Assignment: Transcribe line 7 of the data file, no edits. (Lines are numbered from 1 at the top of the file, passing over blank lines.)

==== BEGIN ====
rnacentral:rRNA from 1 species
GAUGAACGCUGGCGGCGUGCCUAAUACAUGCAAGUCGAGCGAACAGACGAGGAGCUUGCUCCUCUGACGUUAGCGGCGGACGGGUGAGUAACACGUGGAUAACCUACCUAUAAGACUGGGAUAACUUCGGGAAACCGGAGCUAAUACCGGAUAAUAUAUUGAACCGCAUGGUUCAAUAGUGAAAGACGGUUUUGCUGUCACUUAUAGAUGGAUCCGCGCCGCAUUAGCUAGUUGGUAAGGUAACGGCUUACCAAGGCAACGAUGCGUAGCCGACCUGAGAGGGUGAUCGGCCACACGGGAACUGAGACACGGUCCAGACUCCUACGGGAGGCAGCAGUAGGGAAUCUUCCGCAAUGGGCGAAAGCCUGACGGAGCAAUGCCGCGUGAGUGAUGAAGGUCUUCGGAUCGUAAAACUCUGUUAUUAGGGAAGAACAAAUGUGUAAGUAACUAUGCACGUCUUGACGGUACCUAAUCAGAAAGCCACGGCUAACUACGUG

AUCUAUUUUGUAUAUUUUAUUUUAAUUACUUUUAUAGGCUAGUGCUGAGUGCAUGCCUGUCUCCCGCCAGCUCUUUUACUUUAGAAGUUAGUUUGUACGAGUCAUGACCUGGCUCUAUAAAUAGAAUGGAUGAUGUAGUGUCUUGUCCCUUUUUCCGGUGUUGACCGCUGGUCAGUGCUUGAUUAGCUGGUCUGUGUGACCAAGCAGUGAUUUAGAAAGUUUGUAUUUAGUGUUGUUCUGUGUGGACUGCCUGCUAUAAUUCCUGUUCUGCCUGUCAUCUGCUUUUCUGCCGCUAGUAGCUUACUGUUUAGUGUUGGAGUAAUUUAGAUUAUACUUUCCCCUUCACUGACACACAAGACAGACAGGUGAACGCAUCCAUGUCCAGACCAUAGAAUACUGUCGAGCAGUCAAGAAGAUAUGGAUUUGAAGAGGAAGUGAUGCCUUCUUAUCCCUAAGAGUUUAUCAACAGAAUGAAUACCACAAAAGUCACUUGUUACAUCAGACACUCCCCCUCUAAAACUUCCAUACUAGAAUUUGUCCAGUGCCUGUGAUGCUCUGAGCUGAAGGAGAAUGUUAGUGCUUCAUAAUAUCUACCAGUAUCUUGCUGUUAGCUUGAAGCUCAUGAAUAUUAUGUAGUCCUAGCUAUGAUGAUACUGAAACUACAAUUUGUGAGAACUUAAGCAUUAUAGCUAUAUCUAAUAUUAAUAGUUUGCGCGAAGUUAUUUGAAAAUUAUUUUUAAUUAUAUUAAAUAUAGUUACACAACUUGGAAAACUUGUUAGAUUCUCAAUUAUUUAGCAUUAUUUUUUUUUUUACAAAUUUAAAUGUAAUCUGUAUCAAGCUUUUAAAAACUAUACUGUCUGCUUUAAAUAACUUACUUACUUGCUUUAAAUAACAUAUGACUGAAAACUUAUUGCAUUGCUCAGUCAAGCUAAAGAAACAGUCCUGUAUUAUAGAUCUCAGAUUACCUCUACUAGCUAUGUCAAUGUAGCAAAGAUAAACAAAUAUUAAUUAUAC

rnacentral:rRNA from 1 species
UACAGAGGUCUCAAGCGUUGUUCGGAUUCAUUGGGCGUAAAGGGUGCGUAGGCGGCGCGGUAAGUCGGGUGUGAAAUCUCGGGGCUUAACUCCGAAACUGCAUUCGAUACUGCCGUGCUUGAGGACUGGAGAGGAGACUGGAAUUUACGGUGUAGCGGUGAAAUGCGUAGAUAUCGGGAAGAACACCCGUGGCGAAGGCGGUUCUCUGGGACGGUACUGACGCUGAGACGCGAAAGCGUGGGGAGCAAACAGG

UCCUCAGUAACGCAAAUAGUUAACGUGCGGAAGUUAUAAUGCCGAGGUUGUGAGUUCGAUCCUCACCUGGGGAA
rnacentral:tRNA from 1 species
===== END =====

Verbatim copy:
rnacentral:tRNA from 1 species